First, we need to de-stigmatize anger and treat it as the normal, natural emotion we all feel—as kids and adults—and we need to redirect it. I've seen and heard a lot of folks deal with angry students by yelling back at them and getting in their faces to show them "who's in charge," and that's a terrific way to escalate things. It can turn a simmering situation into a volcanic one in an instant. So let's flip that script and ask caring questions, listen, be there, and check our own tone; that's how we can de-escalate and defuse it. Model the emotional expectation you would like to see. As a middle school assistant principal for six years, I had my share of angry kids in my office because they took their anger and lashed out in ways that were destructive to themselves, to others, to their schools, and to their futures. After we completed the disciplinary paperwork and I made phone calls home, we talked about the root of the anger—the facts of the situation—and I always reminded them, "Anger is a very natural emotion. Everyone gets angry. It's what you do with your anger that will make the biggest difference in your life. Artists get angry and create. Writers get angry and write. Musicians get angry and they make songs. Athletes get angry and they take it out on the field, the court, or the track. So what can you do, who can you talk to, what can you create with your anger the next time you feel this way?" In fact, as the parent of a seventh grade boy, I've had to give this same talk with him after he punched a wall in P.E. and broke his hand in anger. Clearly, anger is a reality in the school house and on the home front. What's also a reality is this: when we talk to kids about anger as something that's natural and normal, they will talk about it honestly and work on it with us collaboratively—as long as we continue to follow-up with them and listen.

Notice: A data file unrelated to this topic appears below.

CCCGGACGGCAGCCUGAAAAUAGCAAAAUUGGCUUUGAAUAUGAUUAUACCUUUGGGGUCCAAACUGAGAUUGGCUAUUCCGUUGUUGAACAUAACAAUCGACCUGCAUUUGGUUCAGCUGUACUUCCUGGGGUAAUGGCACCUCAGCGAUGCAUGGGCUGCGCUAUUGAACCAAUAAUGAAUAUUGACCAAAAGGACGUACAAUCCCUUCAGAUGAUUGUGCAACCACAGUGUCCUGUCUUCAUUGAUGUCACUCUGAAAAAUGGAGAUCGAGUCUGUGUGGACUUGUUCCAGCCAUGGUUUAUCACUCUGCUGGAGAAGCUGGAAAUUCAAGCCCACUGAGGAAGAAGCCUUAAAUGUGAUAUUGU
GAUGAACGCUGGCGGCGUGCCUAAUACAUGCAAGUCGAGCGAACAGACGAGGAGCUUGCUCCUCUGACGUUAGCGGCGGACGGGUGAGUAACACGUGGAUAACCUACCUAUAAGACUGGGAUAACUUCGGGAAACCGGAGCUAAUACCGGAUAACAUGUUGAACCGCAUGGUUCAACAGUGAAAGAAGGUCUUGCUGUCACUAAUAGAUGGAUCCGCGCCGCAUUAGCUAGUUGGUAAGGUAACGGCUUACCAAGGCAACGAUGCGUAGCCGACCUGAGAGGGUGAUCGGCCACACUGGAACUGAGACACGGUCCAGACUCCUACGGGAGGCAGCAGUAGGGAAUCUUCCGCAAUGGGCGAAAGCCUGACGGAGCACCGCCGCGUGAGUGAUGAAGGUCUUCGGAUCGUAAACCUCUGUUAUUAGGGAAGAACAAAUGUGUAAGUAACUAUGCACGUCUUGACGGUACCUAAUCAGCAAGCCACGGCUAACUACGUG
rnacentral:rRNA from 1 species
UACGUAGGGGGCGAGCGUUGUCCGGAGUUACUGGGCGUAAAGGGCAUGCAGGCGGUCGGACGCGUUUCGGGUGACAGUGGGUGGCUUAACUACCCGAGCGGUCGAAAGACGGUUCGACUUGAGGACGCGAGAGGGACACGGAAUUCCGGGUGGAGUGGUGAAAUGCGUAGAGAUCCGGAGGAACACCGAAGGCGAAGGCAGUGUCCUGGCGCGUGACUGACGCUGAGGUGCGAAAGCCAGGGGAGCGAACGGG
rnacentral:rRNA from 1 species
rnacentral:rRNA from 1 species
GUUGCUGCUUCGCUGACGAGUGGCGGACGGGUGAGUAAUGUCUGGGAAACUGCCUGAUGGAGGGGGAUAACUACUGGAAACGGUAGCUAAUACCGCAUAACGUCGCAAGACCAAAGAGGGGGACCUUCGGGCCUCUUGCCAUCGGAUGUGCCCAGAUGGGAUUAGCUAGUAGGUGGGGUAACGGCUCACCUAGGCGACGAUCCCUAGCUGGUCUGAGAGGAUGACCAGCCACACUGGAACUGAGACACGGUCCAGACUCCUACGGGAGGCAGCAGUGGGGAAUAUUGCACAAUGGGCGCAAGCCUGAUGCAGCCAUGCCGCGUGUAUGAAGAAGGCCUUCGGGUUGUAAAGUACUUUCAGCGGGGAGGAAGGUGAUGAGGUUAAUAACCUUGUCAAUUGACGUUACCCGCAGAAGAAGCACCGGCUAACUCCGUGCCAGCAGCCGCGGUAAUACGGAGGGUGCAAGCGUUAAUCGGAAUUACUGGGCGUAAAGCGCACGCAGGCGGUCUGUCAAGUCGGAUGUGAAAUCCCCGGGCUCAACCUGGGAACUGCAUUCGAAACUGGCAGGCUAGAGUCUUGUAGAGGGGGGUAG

Second, when working with an angry student, we need to remind ourselves about being this age and we need to check out the characteristics of young adolescents—specifically, their minds and their egos. From a cognitive-intellectual perspective, This We Believe (pgs. 53-62) reminds us that their minds process information and emotions differently, and they are prone to risk-taking behaviors. Therefore, we need to be patient with them as they misread verbal and nonverbal language, act out of anger, and then maybe reflect. We need to give them specific tools about conflict resolution, civil discourse, and mindfulness to support them in their angry moments, so they know how to respond. From the social-emotional and moral perspectives, they are deeply concerned with identity and themselves, and they are constantly trying to figure out where they stand. Therefore, we need to be patient with them and their anger as they do things to "save face" and establish and maintain their identities. We need to help them see other perspectives by sharing our own struggles and missteps and through strategies like role-play, self-compassion, and reflection activities. We need to help them understand that it's okay to be wrong. That you don't have to start hating someone because they aren't your friend right now. That anger can be a constructive tool—instead of a destructive tool. And, of course, we need to remember that young adolescents' unique characteristics don't excuse their anger; they provide us with a lens through which to understand it.
Finally, we must never forget what we were like as a young adolescent and what got us angry, how we dealt with it, and what help we wish we had on that raucous and rocky road.